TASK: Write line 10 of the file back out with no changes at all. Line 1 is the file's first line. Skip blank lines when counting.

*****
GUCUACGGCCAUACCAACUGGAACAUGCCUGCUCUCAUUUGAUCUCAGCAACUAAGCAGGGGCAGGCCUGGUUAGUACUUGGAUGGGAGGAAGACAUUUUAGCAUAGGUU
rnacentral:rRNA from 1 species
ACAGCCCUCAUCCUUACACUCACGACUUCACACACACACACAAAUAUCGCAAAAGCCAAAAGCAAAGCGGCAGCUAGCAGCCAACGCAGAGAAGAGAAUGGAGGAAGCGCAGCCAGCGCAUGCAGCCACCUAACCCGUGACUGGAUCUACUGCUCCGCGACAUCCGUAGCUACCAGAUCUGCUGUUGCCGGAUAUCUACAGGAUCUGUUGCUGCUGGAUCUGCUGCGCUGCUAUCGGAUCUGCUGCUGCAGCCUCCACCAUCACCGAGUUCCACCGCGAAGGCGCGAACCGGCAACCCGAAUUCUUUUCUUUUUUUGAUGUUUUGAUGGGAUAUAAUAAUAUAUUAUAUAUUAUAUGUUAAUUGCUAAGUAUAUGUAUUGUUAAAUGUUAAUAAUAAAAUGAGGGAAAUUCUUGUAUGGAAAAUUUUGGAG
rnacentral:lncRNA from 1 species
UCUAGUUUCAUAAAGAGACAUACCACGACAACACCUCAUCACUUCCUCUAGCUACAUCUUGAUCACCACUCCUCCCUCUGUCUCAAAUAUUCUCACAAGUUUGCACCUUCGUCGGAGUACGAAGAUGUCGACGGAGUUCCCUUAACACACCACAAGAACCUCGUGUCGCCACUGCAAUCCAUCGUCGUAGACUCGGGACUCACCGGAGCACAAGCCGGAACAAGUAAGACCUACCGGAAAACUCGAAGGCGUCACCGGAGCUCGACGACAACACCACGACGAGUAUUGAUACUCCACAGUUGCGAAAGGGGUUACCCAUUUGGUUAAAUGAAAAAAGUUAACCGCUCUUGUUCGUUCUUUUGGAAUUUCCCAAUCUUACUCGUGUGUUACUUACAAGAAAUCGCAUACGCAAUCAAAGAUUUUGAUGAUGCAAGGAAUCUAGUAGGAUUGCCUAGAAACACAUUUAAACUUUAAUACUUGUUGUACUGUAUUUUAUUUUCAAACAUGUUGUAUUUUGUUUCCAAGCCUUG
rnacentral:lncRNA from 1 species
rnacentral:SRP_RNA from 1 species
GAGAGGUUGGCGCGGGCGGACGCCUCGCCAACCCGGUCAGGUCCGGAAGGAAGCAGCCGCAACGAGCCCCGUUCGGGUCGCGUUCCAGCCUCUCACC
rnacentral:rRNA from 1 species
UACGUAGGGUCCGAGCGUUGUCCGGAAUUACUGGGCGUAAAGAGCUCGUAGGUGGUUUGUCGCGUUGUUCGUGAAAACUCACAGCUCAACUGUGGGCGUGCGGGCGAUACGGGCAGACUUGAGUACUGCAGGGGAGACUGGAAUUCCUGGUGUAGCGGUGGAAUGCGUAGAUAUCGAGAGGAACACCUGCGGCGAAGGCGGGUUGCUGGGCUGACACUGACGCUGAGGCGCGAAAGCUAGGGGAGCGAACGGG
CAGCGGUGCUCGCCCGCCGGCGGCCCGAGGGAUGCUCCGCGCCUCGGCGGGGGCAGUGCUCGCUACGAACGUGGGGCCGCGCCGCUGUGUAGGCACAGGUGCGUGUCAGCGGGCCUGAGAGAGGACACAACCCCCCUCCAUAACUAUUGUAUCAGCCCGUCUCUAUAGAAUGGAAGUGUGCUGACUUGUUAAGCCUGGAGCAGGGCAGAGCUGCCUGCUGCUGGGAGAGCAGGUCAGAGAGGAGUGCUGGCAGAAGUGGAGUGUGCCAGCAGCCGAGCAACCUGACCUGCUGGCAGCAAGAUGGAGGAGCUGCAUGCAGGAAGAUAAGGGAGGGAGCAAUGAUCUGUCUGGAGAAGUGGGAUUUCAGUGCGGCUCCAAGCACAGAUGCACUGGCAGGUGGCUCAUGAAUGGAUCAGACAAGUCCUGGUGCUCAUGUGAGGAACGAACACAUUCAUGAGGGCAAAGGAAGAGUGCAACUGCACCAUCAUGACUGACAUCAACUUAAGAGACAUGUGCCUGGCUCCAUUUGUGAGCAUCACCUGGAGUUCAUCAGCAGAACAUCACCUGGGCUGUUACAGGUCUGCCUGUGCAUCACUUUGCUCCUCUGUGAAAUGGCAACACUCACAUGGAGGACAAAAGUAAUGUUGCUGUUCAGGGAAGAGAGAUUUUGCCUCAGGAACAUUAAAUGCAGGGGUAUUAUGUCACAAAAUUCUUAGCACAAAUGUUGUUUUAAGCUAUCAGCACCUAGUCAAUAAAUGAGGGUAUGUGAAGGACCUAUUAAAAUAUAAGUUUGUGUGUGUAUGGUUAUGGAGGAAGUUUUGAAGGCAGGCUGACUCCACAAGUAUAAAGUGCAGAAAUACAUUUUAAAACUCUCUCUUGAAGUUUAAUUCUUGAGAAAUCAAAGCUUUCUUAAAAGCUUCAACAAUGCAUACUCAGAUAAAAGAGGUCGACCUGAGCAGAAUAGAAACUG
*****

UACGUAGGGUCCGAGCGUUGUCCGGAAUUACUGGGCGUAAAGAGCUCGUAGGUGGUUUGUCGCGUUGUUCGUGAAAACUCACAGCUCAACUGUGGGCGUGCGGGCGAUACGGGCAGACUUGAGUACUGCAGGGGAGACUGGAAUUCCUGGUGUAGCGGUGGAAUGCGUAGAUAUCGAGAGGAACACCUGCGGCGAAGGCGGGUUGCUGGGCUGACACUGACGCUGAGGCGCGAAAGCUAGGGGAGCGAACGGG